The Feral Palace: multispecies typologies

The Feral Palace: multispecies typologies
The Feral Palace pedagogy aims to invent novel perspectives of seeing and valorising untamed urban territories, ones which would inspire a multispecies just spatial planning.
The Palace of Justice will extinct a 18000m2 spontaneous urban ecosystem. The Feral Palace program was curated, to reframe the ecocide narrative.

Gaja Mežnarić Osole & Danica Sretenović / Krater Collective
Ljubljana, Slovenia
Website
https://krater.si/
Facebook
https://www.facebook.com/Trajnacollecti…
Instagram
https://www.instagram.com/kratercollect…
Linkedin
https://www.linkedin.com/in/danica-sret…
Team members
Rok Kranjc
Klaas Kuitenbrower
Renata Šifrar
Amadeja Smrekar
Debra Solomon
Eva Stopar
Zala Velkavrh
Field of work
Architecture, Ecology, Research
Project category
Ecosystems
Project submitted
2022

Danica Sretenović (architect, curator, independent scholar) and Gaja Mežnarić Osole (eco-social designer, inventor, co-founder of Trajna) joined forces to open up space for questioning established management strategies in connection with our disturbed urban ecologies. The alliance introduces multi-species thinking strategies across the fields of design-ecology, participation, law, and critical reading of contemporary spatial production. More can be found at eflux: The Feral Palace


The Feral Palace is a design intervention in multispecies insensitive spatial planning. Within the tendering framework of a national architectural competition, Krater’s site was understood as a tabula rasa, which centers our work around the questions: What makes regenerative, nature-led processes invisible to the planning administration? Is there enough room in this notion of (spatial) justice to include the rights of the non-humans that indisputably co-constitute our living environments? To address these multi-layered issues The Feral Palace open call reframed Krater’s site-related conflicts and speculated on a multispecies inclusive Palace of Justice.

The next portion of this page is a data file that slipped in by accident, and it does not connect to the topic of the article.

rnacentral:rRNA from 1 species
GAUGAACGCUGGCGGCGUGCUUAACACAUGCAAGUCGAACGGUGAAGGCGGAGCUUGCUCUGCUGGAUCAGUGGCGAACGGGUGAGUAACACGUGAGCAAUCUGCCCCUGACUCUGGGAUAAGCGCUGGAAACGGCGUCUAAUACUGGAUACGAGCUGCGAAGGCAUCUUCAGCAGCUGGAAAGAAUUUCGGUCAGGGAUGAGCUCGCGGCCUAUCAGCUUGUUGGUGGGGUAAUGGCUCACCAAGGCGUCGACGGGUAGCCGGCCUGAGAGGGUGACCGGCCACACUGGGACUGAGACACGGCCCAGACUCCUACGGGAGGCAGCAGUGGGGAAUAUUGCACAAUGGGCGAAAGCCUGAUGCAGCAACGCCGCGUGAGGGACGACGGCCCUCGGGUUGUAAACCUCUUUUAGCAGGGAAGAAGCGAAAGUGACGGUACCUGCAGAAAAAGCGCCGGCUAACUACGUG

The Feral Palace is a situated urgency, relying on practices of reciprocity and care, activism, experimental pedagogies, and the formation of a research community. Such urgency rejects extractive operational logic by offering interventions, speculations, declarations - an archive of possible futures in place of a single future of Krater’s extinction. Framing critical questions with potency to shift the inevitable (the Palace of Justice) into previously unseen position (the Feral Palace) brings forth otherwise non-existent imaginaries of multispecies-sensitive futures of the rewilded site. It also sparks a trans-disciplinary debate around the rights of untamed cityscapes, living soil-archives, evacuation of ecosystems, multispecies urbanism, etc. While the traditional architectural practice is slow to react in urgency, the action of becoming feral (running away from established institutional frameworks to the unpredictable ones) lets us seek territories, where individualized precarity is softened with the alliance of multispecies collectivity. Feral practice is a trans-disciplinary work in numerous directions: urgent pedagogies, feral cartography, chronologies of slow disturbance, detecting discrepancies between administrative policies and multispecies typologies, publications, exhibition, communication, etc